In this installment of Dress Code, we'll take on packing. Even if you're not going away this weekend, chances are at some point in the coming months, you will — herewith, a few tips to avoid bag-bloat and no-skivvies crises.
I know this hyper-organized woman who not only has a travel bag perma-packed with first aid stuff and mini toiletries, but also takes a Polaroid of every garment she packs so that if an airline loses her luggage, she can get accurate reimbursement. I'm not like this. I'm a naturally bad packer. I tend to panic and think I'll "need" three vintage formals and five cookbooks for a 3-day trip to visit friends in the Boston suburbs, and then only get there to discover that, in fact, what I "need" — and failed to pack — was underpants. It also took me a really long time to get over my addiction to absurdly heavy, picturesque thrift-shop luggage. So! I've devised a few formulas that help me. I use a checklist that includes, yes, underwear, plus toiletries, passports and clothes. I try to pick stuff that goes together, pieces that multitask. And I check the weather report.
Obviously, there's no one formula for every trip or every person. If you're going on, say, a hiking trip, bring hiking boots. Tick country? Light clothes are a good idea. And the chance of a formal occasion means something dressier. I've tried to give suggestions for 3 general, 3-day trips. Use it as a starting point and adjust accordingly! Remembering, as always, that rules are made to be broken.
But always good ideas, even for a short trip:
- Bring multitasking clothes — by this I mean stuff that, with the right pairing and accessories, can be used for various occasions.
- Check the weather. You may get a vague idea at best, but in the warmer months it's the difference between packing closed-toe shoes and being stuck with sandals in a thunderstorm.
- Bring underwear. Duh.
- Bring easily-rolled, squished and packed things whenever possible.
- In a pinch, a necklace or earrings can dress up a look; you can afford to bring a small stash of options, since this stuff takes up so little space.
Also, there's a very smart "roll it all up" strategy to fitting everything you could possibly need in your carry-on (ten days' worth!), courtesy of a flight attendant. Check it out here.
Now let's talk specific types of vacations! We'll stick with three general types of summer getaways; feel free to toss out ideas for other types of trips in the comments, and may the wisdom of the masses help you even more.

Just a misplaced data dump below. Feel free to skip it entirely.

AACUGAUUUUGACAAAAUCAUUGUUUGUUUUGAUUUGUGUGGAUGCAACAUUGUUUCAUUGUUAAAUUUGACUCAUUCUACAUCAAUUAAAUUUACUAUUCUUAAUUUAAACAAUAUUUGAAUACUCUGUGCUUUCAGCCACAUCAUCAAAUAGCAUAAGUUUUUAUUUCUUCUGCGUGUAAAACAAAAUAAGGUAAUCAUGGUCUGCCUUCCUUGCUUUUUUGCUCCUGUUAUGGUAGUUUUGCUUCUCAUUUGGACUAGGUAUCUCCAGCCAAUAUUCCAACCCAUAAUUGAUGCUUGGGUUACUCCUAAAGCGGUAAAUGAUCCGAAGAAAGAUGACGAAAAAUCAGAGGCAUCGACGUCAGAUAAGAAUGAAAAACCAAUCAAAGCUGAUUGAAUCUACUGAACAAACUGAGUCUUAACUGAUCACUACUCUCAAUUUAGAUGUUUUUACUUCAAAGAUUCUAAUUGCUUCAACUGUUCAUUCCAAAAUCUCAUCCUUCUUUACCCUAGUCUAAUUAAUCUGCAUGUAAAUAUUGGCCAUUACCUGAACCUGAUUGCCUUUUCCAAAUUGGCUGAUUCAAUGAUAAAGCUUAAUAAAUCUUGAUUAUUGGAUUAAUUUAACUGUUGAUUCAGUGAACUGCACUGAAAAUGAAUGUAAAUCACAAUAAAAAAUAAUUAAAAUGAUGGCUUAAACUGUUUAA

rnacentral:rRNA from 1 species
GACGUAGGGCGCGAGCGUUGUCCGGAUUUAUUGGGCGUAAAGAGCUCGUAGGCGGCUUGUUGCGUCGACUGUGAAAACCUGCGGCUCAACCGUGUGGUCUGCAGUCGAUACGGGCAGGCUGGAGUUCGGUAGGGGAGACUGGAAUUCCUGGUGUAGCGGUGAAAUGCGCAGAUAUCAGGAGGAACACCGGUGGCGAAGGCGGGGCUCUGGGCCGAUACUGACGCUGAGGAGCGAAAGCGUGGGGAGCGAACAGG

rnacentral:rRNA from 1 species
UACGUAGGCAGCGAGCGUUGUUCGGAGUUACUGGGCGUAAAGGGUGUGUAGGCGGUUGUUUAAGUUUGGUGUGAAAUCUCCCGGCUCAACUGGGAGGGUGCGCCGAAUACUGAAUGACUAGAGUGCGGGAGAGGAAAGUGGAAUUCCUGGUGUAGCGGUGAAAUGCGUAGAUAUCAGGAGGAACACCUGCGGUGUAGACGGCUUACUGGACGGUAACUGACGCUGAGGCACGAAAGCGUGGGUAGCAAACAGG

The Beach Weekend
A beach trip, be it near or far, has the advantage of light, rollable clothes. Better still, they can be super-cheap! The following is a basic suggested packing list - I'm assuming that, unlike me, you'll take undies, PJs etc. as a given.
- 2 tanks or tees
- A light top, also good as a cover-up
- 1 swimsuit, 2 if you'll be swimming a ton
- 1 sundress, also good as a cover-up
- 2 bottoms: Shorts, a light skirt, or summer pants
- Slightly dressier sandals
- Light jacket or sweater
- Some kind of large beach bag
- A hat and sunglasses are always a good idea
A City Weekend
This jaunt is all about walking, so you'll want comfortable shoes. There's also a chance you will be eating somewhere respectable or going to a show, so it's a good idea to have one getup than can be dressed up. I'm a big fan of a versatile dress that packs small and can be dressed up with other (still comfy!) shoes and maybe some jewelry. And bring a light jacket or wrap: museums and theatres get chilly!
A rough suggested-packing list:
- 3 respectable tees or other tops
- 1 pair of either jeans, pants, or nicer shorts — or a versatile skirt (2 if you aren't into dresses!)
- 1 versatile dress
- Casual jacket or sweater
- 1 pair tested (read: not new) walking shoes
- 1 pair more polished, but still comfortable, shoes
- Purse of your choosing (and a crushable tote or shopping bag is always a good idea for impromptu puchases)
- Clutch if you really need to gussy up
- Light scarf that can do double-duty as a wrap
Again, if you're going to be doing something specific — hiking, sports, camping — obviously pack for that. Here, I'm thinking of a visit to somewhere more rustic and less beachy, but obviously I'm going to generalize:
- 1 pair jeans or long pants suitable for potentially tick-dwelling, poison ivy/oak-infested and thorny terrain. If you're sure you'll encounter one of these, maybe bring 2.
- 1 pair shorts - or not, if you hate shorts. Make it more pants.
- 4 tops: tanks, tees, maybe a button-down.
- 1 sweater or sweatshirt
- 1 light jacket, or a fleece if you're somewhere that gets chilly in the evenings
- 1 pair athletic shoes for walking. Whether it's hiking boots, sneakers or even wellies depends on weather and terrain.
- 1 alternate pair of casual shoes — nice for a trip into town or when your others are drying/mud-caked.
- Bathing suit if you're near a lake
- A bandana is always useful, be it for hair-wrangling, neck-cooling, or jauntiness.